gard

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See also: Gard, gärd, Gärd, gård, and gárð

English[edit]

Pronunciation[edit]

Etymology 1[edit]

Old English gard, northern variant of ġeard (whence yard).

Noun[edit]

gard (plural gards)

  1. (obsolete) A garden.

Etymology 2[edit]

Noun[edit]

gard (plural gards)

  1. Obsolete spelling of guard

Verb[edit]

gard (third-person singular simple present gards, present participle garding, simple past and past participle garded)

  1. Obsolete spelling of guard

References[edit]

Anagrams[edit]

Gothic[edit]

Romanization[edit]

gard

  1. Romanization of 𐌲𐌰𐍂𐌳

Kashubian[edit]

Etymology[edit]

Inherited from Proto-Slavic *gȏrdъ, from Proto-Balto-Slavic *gárdas, from Proto-Indo-European *gʰórdʰ-os, from *gʰerdʰ-.

Noun[edit]

gard m ?

  1. Obsolete form of gród.

Further reading[edit]

  • Eùgeniusz Gòłąbk (2011), “gród”, in Słownik Polsko-Kaszubski / Słowôrz Pòlskò-Kaszëbsczi

Kholosi[edit]

Etymology[edit]

Borrowed from Persianگرد(gard).

Noun[edit]

gard ?

  1. dust

References[edit]

  • Eric Anonby; Hassan Mohebi Bahmani (2014), “Shipwrecked and Landlocked: Kholosi, an Indo-Aryan Language in South-west Iran”, in Cahier de Studia Iranica xx[1], pages 13-36

Middle English[edit]

Etymology 1[edit]

Borrowed from Old French guarde.

Noun[edit]

gard

  1. Alternative form of garde

Etymology 2[edit]

Borrowed from Old Norse garðr.

Noun[edit]

gard

  1. Alternative form of garth

Norwegian Bokmål[edit]

Etymology[edit]

From Old Norse garðr, from Proto-Germanic *gardaz, from Proto-Indo-European *gʰórdʰos, from the root *gʰerdʰ- (to enclose).

Noun[edit]

gard m (definite singular garden, indefinite plural garder, definite plural gardene)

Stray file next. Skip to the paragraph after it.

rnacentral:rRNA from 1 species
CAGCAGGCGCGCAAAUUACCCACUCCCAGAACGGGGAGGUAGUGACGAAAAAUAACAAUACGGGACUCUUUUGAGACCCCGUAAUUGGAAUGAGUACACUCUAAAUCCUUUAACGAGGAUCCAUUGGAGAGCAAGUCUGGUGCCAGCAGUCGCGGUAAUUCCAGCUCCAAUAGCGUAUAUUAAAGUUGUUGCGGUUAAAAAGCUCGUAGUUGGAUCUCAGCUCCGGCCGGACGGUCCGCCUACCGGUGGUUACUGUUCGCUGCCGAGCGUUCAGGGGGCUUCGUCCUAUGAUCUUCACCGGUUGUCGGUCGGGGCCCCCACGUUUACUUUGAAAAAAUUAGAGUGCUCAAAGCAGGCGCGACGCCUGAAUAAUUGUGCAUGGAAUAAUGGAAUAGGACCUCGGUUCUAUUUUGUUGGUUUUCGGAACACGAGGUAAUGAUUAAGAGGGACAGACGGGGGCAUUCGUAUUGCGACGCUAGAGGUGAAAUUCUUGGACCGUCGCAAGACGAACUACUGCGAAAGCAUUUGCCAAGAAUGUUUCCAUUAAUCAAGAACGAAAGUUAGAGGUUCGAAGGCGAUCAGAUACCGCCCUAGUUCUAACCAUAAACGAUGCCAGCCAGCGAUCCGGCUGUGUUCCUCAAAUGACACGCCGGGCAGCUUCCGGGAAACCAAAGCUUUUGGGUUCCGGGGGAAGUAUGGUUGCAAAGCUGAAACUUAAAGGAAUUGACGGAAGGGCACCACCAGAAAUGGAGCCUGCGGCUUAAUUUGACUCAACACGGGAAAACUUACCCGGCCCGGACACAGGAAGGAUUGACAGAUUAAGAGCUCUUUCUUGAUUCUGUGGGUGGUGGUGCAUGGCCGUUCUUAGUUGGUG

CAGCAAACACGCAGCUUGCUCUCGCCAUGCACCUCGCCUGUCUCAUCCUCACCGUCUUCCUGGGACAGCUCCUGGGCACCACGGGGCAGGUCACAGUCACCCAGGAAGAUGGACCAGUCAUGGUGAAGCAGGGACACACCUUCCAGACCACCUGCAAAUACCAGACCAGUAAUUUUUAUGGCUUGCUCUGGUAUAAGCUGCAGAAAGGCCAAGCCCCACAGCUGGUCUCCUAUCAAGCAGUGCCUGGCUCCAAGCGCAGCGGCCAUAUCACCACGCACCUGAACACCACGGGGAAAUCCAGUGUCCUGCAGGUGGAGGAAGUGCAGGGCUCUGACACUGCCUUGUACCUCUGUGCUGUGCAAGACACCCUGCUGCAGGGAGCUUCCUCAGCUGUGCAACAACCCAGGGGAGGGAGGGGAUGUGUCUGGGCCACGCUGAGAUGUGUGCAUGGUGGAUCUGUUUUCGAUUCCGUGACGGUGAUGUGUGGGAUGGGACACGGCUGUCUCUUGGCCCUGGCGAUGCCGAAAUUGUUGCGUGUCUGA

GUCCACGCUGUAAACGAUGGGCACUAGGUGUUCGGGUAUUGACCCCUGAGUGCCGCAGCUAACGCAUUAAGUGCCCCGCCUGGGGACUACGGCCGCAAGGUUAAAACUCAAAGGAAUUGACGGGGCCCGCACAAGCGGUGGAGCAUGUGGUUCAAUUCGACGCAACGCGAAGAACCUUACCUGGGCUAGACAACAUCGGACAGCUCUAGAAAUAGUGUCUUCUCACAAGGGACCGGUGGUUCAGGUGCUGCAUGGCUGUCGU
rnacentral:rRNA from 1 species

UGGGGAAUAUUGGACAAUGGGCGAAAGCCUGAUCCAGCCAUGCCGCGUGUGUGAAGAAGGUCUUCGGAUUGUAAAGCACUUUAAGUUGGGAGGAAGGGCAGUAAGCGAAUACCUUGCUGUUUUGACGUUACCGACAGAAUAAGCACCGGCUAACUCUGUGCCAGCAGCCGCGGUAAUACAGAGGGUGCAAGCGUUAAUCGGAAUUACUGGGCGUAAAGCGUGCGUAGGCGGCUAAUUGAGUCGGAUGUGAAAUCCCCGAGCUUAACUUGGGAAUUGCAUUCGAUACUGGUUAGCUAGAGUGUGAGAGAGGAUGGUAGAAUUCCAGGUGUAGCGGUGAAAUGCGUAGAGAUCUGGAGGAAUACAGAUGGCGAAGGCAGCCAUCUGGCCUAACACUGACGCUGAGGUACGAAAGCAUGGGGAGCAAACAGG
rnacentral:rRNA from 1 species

1. alternative form of gård

Derived terms[edit]

References[edit]

Norwegian Nynorsk[edit]

Etymology[edit]

From Old Norse garðr, from Proto-Germanic *gardaz, from Proto-Indo-European *gʰórdʰos, from the root *gʰerdʰ- (to enclose). Akin to English yard.

Pronunciation[edit]

Noun[edit]

gard m (definite singular garden, indefinite plural gardar, definite plural gardane)

  1. farm
  2. townhouse (often in the compound bygard)
  3. fence (often in the compounds skigard or steingard)
  4. courtyard

Derived terms[edit]

References[edit]

Old Saxon[edit]

Alternative forms[edit]

Etymology[edit]

From Proto-West Germanic *gard, from Proto-Germanic *gardaz, from Proto-Indo-European *gʰórdʰos, from the root *gʰerdʰ- (to enclose).

Pronunciation[edit]

Noun[edit]

gard m

  1. an enclosed place
  2. yard, garden
  3. court
  4. region, land
  5. dwelling

Declension[edit]


Descendants[edit]

  • Middle Low German: gart

Romanian[edit]

Etymology[edit]

Ultimately from Proto-Indo-European *gʰerdʰ- (to enclose, to encircle); possibly a substrate word from a Dacian *garda, akin to Albanian gardh (or borrowed from it), or more likely an early borrowing from Proto-Slavic *gȏrdъ, perhaps predating the metathesis occurring in Slavic languages (however this is uncertain as other related terms such as grădină, ogradă, îngrădi had already undergone it when borrowed from Slavic). Other suggested possibilities include a link to Proto-Germanic *gardaz. [1]

Other Indo-European cognates include Latin hortus, English garden, yard, gird, Sanskrit गृह (gṛha, house, home), Old Church Slavonic градъ (gradŭ), Gothic 𐌲𐌰𐍂𐌳𐍃 (gards), German Garten, Danish gård, Swedish gård and Norwegian gård or gard; garde, gjerde.

Pronunciation[edit]

Noun[edit]

gard n (plural garduri)

  1. fence

Declension[edit]

See also[edit]

References[edit]

  1. ^ gard in DEX online—Dicționare ale limbii române (Dictionaries of the Romanian language)

Volapük[edit]

Noun[edit]

gard (nominative plural gards)

  1. guard

Declension[edit]